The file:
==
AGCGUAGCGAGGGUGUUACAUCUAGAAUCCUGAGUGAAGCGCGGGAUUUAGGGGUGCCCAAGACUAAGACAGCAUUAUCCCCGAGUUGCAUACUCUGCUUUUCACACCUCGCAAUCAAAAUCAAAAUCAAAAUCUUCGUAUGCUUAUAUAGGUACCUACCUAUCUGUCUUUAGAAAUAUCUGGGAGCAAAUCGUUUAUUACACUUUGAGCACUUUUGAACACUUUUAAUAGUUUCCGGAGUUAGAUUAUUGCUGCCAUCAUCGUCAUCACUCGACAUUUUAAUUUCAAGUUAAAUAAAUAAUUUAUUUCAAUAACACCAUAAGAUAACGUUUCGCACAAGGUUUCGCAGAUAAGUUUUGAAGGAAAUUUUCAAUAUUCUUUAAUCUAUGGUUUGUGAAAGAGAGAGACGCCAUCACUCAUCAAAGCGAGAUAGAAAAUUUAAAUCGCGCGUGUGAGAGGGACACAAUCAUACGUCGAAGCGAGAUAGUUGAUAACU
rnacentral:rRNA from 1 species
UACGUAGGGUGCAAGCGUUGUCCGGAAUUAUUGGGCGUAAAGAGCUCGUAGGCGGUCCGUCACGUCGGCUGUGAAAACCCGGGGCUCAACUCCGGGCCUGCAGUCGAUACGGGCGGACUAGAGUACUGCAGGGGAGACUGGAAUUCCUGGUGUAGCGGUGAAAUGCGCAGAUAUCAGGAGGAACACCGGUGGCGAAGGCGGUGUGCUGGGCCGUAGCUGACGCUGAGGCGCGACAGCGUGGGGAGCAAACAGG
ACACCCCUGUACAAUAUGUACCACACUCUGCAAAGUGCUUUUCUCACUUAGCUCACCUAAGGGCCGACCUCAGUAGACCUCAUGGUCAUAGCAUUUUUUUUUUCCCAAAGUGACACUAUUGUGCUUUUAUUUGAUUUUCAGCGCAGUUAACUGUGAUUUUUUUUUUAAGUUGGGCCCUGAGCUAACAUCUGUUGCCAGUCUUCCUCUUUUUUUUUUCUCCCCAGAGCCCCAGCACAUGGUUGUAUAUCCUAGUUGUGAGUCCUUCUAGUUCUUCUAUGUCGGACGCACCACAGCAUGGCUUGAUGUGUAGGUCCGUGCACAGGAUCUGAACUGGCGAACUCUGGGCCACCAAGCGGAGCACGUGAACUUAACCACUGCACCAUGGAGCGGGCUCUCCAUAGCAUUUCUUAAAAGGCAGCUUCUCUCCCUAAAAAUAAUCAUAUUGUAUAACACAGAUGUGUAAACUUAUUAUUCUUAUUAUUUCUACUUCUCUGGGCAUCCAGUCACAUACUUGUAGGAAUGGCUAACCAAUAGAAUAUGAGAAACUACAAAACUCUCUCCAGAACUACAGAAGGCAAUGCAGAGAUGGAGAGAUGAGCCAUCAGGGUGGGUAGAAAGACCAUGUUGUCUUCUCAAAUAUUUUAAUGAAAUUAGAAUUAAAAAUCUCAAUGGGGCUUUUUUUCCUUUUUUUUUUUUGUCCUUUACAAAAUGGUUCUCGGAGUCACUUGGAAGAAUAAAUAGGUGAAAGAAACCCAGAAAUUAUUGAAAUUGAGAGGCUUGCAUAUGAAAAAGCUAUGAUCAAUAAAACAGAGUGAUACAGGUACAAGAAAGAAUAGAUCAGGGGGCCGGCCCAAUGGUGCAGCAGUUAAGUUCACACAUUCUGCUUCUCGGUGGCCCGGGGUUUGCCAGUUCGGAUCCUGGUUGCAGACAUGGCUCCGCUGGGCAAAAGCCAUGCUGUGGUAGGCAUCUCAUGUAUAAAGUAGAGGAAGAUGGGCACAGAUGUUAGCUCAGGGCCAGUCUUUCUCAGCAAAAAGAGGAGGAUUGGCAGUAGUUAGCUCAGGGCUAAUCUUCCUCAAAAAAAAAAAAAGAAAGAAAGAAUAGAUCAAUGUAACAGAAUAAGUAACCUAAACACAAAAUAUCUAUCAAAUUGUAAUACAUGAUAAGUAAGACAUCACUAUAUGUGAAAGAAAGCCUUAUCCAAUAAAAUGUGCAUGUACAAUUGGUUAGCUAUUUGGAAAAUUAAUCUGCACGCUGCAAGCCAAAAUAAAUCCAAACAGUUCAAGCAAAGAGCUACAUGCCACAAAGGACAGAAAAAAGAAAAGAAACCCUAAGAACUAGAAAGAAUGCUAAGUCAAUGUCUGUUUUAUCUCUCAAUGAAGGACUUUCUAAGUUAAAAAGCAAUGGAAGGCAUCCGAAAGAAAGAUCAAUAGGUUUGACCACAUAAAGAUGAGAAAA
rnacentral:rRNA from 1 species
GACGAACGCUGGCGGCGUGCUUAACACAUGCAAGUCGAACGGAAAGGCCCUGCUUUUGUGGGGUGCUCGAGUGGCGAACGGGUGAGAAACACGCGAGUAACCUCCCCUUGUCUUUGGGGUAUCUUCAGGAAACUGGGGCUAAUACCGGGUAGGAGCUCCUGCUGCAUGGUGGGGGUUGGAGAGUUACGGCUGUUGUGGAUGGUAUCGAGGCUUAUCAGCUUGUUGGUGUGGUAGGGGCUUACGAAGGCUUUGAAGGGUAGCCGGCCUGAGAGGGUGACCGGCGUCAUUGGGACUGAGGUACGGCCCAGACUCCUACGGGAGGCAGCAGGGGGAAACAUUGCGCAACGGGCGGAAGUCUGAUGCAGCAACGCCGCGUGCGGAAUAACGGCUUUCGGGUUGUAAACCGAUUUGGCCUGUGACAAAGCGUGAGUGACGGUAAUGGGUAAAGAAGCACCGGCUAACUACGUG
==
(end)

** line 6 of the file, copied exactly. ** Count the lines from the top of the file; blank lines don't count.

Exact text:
GACGAACGCUGGCGGCGUGCUUAACACAUGCAAGUCGAACGGAAAGGCCCUGCUUUUGUGGGGUGCUCGAGUGGCGAACGGGUGAGAAACACGCGAGUAACCUCCCCUUGUCUUUGGGGUAUCUUCAGGAAACUGGGGCUAAUACCGGGUAGGAGCUCCUGCUGCAUGGUGGGGGUUGGAGAGUUACGGCUGUUGUGGAUGGUAUCGAGGCUUAUCAGCUUGUUGGUGUGGUAGGGGCUUACGAAGGCUUUGAAGGGUAGCCGGCCUGAGAGGGUGACCGGCGUCAUUGGGACUGAGGUACGGCCCAGACUCCUACGGGAGGCAGCAGGGGGAAACAUUGCGCAACGGGCGGAAGUCUGAUGCAGCAACGCCGCGUGCGGAAUAACGGCUUUCGGGUUGUAAACCGAUUUGGCCUGUGACAAAGCGUGAGUGACGGUAAUGGGUAAAGAAGCACCGGCUAACUACGUG